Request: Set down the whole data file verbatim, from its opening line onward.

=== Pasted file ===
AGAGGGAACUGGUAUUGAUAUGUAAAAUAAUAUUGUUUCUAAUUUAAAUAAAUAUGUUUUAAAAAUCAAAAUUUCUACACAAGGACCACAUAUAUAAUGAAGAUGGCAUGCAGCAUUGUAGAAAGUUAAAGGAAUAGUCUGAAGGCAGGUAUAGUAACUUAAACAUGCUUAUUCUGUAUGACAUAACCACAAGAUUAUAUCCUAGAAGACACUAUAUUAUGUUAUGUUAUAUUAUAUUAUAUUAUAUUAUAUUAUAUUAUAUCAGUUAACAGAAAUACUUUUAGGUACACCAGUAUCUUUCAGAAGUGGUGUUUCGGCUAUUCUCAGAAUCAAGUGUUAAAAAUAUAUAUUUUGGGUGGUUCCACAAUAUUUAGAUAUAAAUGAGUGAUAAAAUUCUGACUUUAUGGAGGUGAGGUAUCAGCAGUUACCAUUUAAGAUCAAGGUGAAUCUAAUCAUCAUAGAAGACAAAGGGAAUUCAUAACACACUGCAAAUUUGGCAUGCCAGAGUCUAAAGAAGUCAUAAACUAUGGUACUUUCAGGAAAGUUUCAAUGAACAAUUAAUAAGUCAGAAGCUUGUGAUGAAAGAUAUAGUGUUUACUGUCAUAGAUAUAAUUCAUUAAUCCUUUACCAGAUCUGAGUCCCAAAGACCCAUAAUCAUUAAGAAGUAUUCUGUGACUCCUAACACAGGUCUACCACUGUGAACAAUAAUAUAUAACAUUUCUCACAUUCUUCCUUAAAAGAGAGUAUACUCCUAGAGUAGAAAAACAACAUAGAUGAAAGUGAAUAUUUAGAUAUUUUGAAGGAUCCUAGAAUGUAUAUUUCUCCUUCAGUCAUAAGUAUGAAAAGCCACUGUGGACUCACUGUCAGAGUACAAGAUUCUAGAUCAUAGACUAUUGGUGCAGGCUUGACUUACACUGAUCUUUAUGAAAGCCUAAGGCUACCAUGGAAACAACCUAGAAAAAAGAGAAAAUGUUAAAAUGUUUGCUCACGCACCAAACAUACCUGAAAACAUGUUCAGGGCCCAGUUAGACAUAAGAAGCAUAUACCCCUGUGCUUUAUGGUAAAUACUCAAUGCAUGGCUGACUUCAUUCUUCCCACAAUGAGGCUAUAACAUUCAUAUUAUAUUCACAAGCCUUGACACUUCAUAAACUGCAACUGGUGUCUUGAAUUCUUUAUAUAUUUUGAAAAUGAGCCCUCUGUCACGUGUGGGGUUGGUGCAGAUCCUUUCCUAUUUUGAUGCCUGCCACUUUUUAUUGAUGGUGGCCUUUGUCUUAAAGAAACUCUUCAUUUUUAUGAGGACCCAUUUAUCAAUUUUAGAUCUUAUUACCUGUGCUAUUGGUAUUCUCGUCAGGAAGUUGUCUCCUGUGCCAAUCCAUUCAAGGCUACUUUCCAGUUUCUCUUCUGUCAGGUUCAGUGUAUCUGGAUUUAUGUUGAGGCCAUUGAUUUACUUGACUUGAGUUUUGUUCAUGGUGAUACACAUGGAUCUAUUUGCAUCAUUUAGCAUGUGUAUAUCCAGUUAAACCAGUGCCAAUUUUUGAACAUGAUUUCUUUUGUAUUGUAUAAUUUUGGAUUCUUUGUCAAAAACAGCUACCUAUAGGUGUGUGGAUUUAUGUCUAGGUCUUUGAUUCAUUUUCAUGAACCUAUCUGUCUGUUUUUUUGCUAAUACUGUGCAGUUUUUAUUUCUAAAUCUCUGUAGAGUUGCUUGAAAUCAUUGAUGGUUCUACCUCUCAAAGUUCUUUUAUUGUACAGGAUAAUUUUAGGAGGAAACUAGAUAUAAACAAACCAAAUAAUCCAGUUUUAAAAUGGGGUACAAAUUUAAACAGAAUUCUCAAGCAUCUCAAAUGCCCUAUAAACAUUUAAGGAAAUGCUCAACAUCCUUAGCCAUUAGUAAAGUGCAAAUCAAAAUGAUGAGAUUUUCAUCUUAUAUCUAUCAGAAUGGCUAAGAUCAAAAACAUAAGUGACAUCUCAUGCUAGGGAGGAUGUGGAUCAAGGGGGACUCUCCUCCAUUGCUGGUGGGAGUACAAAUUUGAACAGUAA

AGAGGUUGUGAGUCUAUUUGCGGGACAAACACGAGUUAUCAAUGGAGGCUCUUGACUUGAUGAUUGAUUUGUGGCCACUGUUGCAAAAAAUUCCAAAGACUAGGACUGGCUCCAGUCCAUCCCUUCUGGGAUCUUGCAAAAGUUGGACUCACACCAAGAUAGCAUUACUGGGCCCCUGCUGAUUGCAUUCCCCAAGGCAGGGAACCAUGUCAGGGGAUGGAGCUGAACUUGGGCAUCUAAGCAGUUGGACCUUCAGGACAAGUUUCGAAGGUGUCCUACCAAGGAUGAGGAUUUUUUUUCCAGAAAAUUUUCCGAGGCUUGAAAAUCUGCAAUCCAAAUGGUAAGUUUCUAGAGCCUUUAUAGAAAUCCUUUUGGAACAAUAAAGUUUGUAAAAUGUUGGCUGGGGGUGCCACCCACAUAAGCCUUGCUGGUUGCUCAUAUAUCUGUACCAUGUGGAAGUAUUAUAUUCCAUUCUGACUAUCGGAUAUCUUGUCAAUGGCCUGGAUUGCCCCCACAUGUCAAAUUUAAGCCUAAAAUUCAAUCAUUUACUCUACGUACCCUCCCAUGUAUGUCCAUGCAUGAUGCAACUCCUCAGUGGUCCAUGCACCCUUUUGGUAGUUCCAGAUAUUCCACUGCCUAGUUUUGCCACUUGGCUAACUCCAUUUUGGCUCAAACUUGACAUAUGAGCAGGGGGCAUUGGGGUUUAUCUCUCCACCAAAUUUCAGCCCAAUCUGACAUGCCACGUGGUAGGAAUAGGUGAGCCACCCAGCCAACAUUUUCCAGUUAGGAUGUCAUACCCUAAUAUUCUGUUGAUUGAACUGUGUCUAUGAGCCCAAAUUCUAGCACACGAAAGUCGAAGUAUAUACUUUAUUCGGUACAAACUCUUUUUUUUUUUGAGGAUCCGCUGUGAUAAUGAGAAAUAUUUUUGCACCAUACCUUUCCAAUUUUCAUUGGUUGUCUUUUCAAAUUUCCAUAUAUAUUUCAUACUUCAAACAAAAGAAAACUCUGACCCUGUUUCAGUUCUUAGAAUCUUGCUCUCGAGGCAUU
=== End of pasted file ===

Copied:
AGAGGGAACUGGUAUUGAUAUGUAAAAUAAUAUUGUUUCUAAUUUAAAUAAAUAUGUUUUAAAAAUCAAAAUUUCUACACAAGGACCACAUAUAUAAUGAAGAUGGCAUGCAGCAUUGUAGAAAGUUAAAGGAAUAGUCUGAAGGCAGGUAUAGUAACUUAAACAUGCUUAUUCUGUAUGACAUAACCACAAGAUUAUAUCCUAGAAGACACUAUAUUAUGUUAUGUUAUAUUAUAUUAUAUUAUAUUAUAUUAUAUUAUAUCAGUUAACAGAAAUACUUUUAGGUACACCAGUAUCUUUCAGAAGUGGUGUUUCGGCUAUUCUCAGAAUCAAGUGUUAAAAAUAUAUAUUUUGGGUGGUUCCACAAUAUUUAGAUAUAAAUGAGUGAUAAAAUUCUGACUUUAUGGAGGUGAGGUAUCAGCAGUUACCAUUUAAGAUCAAGGUGAAUCUAAUCAUCAUAGAAGACAAAGGGAAUUCAUAACACACUGCAAAUUUGGCAUGCCAGAGUCUAAAGAAGUCAUAAACUAUGGUACUUUCAGGAAAGUUUCAAUGAACAAUUAAUAAGUCAGAAGCUUGUGAUGAAAGAUAUAGUGUUUACUGUCAUAGAUAUAAUUCAUUAAUCCUUUACCAGAUCUGAGUCCCAAAGACCCAUAAUCAUUAAGAAGUAUUCUGUGACUCCUAACACAGGUCUACCACUGUGAACAAUAAUAUAUAACAUUUCUCACAUUCUUCCUUAAAAGAGAGUAUACUCCUAGAGUAGAAAAACAACAUAGAUGAAAGUGAAUAUUUAGAUAUUUUGAAGGAUCCUAGAAUGUAUAUUUCUCCUUCAGUCAUAAGUAUGAAAAGCCACUGUGGACUCACUGUCAGAGUACAAGAUUCUAGAUCAUAGACUAUUGGUGCAGGCUUGACUUACACUGAUCUUUAUGAAAGCCUAAGGCUACCAUGGAAACAACCUAGAAAAAAGAGAAAAUGUUAAAAUGUUUGCUCACGCACCAAACAUACCUGAAAACAUGUUCAGGGCCCAGUUAGACAUAAGAAGCAUAUACCCCUGUGCUUUAUGGUAAAUACUCAAUGCAUGGCUGACUUCAUUCUUCCCACAAUGAGGCUAUAACAUUCAUAUUAUAUUCACAAGCCUUGACACUUCAUAAACUGCAACUGGUGUCUUGAAUUCUUUAUAUAUUUUGAAAAUGAGCCCUCUGUCACGUGUGGGGUUGGUGCAGAUCCUUUCCUAUUUUGAUGCCUGCCACUUUUUAUUGAUGGUGGCCUUUGUCUUAAAGAAACUCUUCAUUUUUAUGAGGACCCAUUUAUCAAUUUUAGAUCUUAUUACCUGUGCUAUUGGUAUUCUCGUCAGGAAGUUGUCUCCUGUGCCAAUCCAUUCAAGGCUACUUUCCAGUUUCUCUUCUGUCAGGUUCAGUGUAUCUGGAUUUAUGUUGAGGCCAUUGAUUUACUUGACUUGAGUUUUGUUCAUGGUGAUACACAUGGAUCUAUUUGCAUCAUUUAGCAUGUGUAUAUCCAGUUAAACCAGUGCCAAUUUUUGAACAUGAUUUCUUUUGUAUUGUAUAAUUUUGGAUUCUUUGUCAAAAACAGCUACCUAUAGGUGUGUGGAUUUAUGUCUAGGUCUUUGAUUCAUUUUCAUGAACCUAUCUGUCUGUUUUUUUGCUAAUACUGUGCAGUUUUUAUUUCUAAAUCUCUGUAGAGUUGCUUGAAAUCAUUGAUGGUUCUACCUCUCAAAGUUCUUUUAUUGUACAGGAUAAUUUUAGGAGGAAACUAGAUAUAAACAAACCAAAUAAUCCAGUUUUAAAAUGGGGUACAAAUUUAAACAGAAUUCUCAAGCAUCUCAAAUGCCCUAUAAACAUUUAAGGAAAUGCUCAACAUCCUUAGCCAUUAGUAAAGUGCAAAUCAAAAUGAUGAGAUUUUCAUCUUAUAUCUAUCAGAAUGGCUAAGAUCAAAAACAUAAGUGACAUCUCAUGCUAGGGAGGAUGUGGAUCAAGGGGGACUCUCCUCCAUUGCUGGUGGGAGUACAAAUUUGAACAGUAA

AGAGGUUGUGAGUCUAUUUGCGGGACAAACACGAGUUAUCAAUGGAGGCUCUUGACUUGAUGAUUGAUUUGUGGCCACUGUUGCAAAAAAUUCCAAAGACUAGGACUGGCUCCAGUCCAUCCCUUCUGGGAUCUUGCAAAAGUUGGACUCACACCAAGAUAGCAUUACUGGGCCCCUGCUGAUUGCAUUCCCCAAGGCAGGGAACCAUGUCAGGGGAUGGAGCUGAACUUGGGCAUCUAAGCAGUUGGACCUUCAGGACAAGUUUCGAAGGUGUCCUACCAAGGAUGAGGAUUUUUUUUCCAGAAAAUUUUCCGAGGCUUGAAAAUCUGCAAUCCAAAUGGUAAGUUUCUAGAGCCUUUAUAGAAAUCCUUUUGGAACAAUAAAGUUUGUAAAAUGUUGGCUGGGGGUGCCACCCACAUAAGCCUUGCUGGUUGCUCAUAUAUCUGUACCAUGUGGAAGUAUUAUAUUCCAUUCUGACUAUCGGAUAUCUUGUCAAUGGCCUGGAUUGCCCCCACAUGUCAAAUUUAAGCCUAAAAUUCAAUCAUUUACUCUACGUACCCUCCCAUGUAUGUCCAUGCAUGAUGCAACUCCUCAGUGGUCCAUGCACCCUUUUGGUAGUUCCAGAUAUUCCACUGCCUAGUUUUGCCACUUGGCUAACUCCAUUUUGGCUCAAACUUGACAUAUGAGCAGGGGGCAUUGGGGUUUAUCUCUCCACCAAAUUUCAGCCCAAUCUGACAUGCCACGUGGUAGGAAUAGGUGAGCCACCCAGCCAACAUUUUCCAGUUAGGAUGUCAUACCCUAAUAUUCUGUUGAUUGAACUGUGUCUAUGAGCCCAAAUUCUAGCACACGAAAGUCGAAGUAUAUACUUUAUUCGGUACAAACUCUUUUUUUUUUUGAGGAUCCGCUGUGAUAAUGAGAAAUAUUUUUGCACCAUACCUUUCCAAUUUUCAUUGGUUGUCUUUUCAAAUUUCCAUAUAUAUUUCAUACUUCAAACAAAAGAAAACUCUGACCCUGUUUCAGUUCUUAGAAUCUUGCUCUCGAGGCAUU